> monitor-to-monitor, though.
                  >
                  > I wonder if the "perfomance impact" is due to some
                  > additional download requirements due to the profile
                  > being embedded, or to the interpretation of the ICC
                  > profile once downloaded. The former, I would guess.
                  >
                  > ...Neil
                  >
                  > --- sc02492 <sc02492@...> wrote:
                  >
                  > > Sorry, Freudian slip <g>:
                  > >
                  > > "With color management turned OFF, open them side by
                  > > side to see if
                  > > there is a difference, and then you can assess this
                  > > more objectively."
                  > >
                  > > I obviously meant with color management turned ON.
                  > > Sorry to confuse.
                  > >
                  > > Steve
                  > >
                  > > --- In ccd-newastro@yahoogroups.com, "sc02492"
                  > > <sc02492@> wrote:
                  > > >
                  > > > Excellent post, and I completely agree. I made
                  > > the point on another
                  > > > website that I could see no difference in my own
                  > > astroimages on my
                  > > > website (processed in sRBG space, which most of us
                  > > do), whether or not
                  > > > color management was activated in Firefox 3.
                  > > Certainly for other
                  > > > color spaces like Adobe RGB, a color managed
                  > > browser would be useful,
                  > > > but most of us don't process in Adobe RGB color
                  > > space. Paul makes the
                  > > > excellent point that tagging an astroimage in
                  > > anything other than sRGB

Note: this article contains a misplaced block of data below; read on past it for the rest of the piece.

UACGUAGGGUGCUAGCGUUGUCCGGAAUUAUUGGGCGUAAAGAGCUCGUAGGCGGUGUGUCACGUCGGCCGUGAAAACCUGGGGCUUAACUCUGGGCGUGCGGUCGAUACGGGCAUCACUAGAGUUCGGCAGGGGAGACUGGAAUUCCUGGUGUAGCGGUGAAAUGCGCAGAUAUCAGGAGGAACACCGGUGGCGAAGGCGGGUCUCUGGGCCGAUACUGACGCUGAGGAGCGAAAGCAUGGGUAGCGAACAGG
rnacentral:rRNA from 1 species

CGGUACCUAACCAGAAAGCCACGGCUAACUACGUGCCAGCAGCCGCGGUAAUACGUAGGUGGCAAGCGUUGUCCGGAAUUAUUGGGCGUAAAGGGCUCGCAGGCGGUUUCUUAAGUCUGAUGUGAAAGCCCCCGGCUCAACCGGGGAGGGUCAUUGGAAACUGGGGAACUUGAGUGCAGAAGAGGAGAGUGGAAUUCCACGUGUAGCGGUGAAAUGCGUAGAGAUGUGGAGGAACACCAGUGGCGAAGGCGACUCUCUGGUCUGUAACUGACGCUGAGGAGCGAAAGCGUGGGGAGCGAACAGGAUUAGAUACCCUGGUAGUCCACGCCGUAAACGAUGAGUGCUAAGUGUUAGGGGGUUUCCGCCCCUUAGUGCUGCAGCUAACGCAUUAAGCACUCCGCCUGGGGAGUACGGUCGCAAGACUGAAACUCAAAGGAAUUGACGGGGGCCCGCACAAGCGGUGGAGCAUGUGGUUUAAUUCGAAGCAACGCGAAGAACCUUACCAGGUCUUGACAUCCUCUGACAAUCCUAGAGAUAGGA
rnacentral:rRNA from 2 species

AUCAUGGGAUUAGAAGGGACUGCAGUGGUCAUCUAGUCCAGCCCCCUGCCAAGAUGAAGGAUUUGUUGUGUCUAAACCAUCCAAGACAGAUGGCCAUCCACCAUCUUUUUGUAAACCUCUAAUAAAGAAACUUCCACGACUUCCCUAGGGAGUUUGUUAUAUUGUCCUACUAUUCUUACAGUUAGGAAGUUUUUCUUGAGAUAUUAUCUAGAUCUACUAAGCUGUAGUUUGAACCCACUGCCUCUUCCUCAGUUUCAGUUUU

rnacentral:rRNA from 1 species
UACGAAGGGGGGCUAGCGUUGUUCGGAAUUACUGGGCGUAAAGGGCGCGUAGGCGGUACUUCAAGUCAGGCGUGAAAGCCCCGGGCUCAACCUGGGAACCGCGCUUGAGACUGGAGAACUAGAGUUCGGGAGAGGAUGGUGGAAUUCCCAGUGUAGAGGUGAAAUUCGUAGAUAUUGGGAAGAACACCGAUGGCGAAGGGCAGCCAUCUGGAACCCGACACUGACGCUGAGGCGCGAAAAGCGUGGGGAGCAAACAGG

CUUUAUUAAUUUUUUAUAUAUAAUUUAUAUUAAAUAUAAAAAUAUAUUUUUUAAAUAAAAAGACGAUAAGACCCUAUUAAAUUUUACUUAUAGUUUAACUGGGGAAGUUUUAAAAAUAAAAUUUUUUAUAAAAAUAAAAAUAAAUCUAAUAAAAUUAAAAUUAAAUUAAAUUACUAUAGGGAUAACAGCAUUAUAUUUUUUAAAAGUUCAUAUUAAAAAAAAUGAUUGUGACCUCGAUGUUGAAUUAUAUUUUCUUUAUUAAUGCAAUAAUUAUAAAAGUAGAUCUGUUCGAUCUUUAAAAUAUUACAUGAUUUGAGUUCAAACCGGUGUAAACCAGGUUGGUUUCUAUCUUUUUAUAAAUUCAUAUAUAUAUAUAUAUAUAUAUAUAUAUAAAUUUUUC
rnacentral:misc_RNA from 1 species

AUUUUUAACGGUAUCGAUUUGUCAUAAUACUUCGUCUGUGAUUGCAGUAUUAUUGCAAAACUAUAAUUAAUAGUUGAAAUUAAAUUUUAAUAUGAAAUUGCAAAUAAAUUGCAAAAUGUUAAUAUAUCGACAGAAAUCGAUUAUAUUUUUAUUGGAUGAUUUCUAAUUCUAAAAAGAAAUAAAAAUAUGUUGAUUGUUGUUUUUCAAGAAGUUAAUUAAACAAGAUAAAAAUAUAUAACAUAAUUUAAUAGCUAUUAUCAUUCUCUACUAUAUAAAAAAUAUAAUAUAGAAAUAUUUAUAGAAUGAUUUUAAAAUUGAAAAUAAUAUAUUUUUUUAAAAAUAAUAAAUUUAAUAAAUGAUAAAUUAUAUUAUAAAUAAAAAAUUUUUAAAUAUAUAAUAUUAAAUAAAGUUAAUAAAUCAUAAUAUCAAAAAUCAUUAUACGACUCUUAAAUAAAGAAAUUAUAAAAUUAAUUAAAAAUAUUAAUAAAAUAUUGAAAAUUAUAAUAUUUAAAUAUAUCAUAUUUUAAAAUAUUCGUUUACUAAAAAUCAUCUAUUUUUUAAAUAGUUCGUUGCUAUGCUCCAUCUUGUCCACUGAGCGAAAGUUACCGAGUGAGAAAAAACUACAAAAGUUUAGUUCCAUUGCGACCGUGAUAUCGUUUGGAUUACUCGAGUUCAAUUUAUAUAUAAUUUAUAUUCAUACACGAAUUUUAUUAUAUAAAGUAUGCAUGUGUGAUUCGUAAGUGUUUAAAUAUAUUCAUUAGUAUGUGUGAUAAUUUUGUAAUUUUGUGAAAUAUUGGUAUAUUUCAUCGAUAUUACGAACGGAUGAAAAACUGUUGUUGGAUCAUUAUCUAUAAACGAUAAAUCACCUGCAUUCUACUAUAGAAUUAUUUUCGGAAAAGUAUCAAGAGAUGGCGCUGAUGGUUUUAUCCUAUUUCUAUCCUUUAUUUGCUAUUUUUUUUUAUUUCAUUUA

> > > color space should be avoided, since it will
                  > > introduce even more
                  > > > variability in how our astroimages appear to
                  > > others, unless everyone
                  > > > decides to use a color managed browser.
                  > > >
                  > > > That said, all of the images on my website are
                  > > indeed tagged with sRGB
                  > > > profiles- this has been my practice all along, the
                  > > main reason being
                  > > > that if anyone wanted to open an image in
                  > > Photoshop, I wanted to
                  > > > ensure that it looked the same to them (assuming
                  > > that their monitor is
                  > > > well calibrated). But if there is also a minor
                  > > benefit to tagging an
                  > > > image in sRGB color space, with respect to viewing
                  > > it in a web
                  > > > browser, it certainly will do no harm to include
                  > > it (see end of post
                  > > > to determine if it makes a difference for you).
                  > > >
                  > > > Since I cannot see a difference in astroimaging
                  > > sites with color
                  > > > management turned on or off, I'm keeping mine off
                  > > for now (Firefox 3).
                  > > > The performance hit with color management turned
                  > > on, no matter how
                  > > > small, is irritating to me since the images
                  > > themselves look no
                  > > > different on my monitor. However, I would advise
                  > > people to see for
                  > > > themselves whether astroimages on various websites